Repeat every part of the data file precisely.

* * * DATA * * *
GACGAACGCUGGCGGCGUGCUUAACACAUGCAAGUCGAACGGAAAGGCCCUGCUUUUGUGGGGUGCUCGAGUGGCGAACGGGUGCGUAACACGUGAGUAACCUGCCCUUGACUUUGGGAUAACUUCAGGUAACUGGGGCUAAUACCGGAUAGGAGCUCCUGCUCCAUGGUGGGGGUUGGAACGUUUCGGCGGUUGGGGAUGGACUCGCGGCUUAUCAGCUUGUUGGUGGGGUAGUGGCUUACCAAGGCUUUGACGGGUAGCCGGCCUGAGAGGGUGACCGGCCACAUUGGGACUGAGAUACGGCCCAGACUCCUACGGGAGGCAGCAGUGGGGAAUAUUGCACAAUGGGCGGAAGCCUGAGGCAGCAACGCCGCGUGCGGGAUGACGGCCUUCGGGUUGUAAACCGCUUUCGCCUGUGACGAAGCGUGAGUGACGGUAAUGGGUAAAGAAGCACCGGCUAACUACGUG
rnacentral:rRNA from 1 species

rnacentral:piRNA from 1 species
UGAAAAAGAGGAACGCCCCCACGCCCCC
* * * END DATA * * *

GACGAACGCUGGCGGCGUGCUUAACACAUGCAAGUCGAACGGAAAGGCCCUGCUUUUGUGGGGUGCUCGAGUGGCGAACGGGUGCGUAACACGUGAGUAACCUGCCCUUGACUUUGGGAUAACUUCAGGUAACUGGGGCUAAUACCGGAUAGGAGCUCCUGCUCCAUGGUGGGGGUUGGAACGUUUCGGCGGUUGGGGAUGGACUCGCGGCUUAUCAGCUUGUUGGUGGGGUAGUGGCUUACCAAGGCUUUGACGGGUAGCCGGCCUGAGAGGGUGACCGGCCACAUUGGGACUGAGAUACGGCCCAGACUCCUACGGGAGGCAGCAGUGGGGAAUAUUGCACAAUGGGCGGAAGCCUGAGGCAGCAACGCCGCGUGCGGGAUGACGGCCUUCGGGUUGUAAACCGCUUUCGCCUGUGACGAAGCGUGAGUGACGGUAAUGGGUAAAGAAGCACCGGCUAACUACGUG
rnacentral:rRNA from 1 species

rnacentral:piRNA from 1 species
UGAAAAAGAGGAACGCCCCCACGCCCCC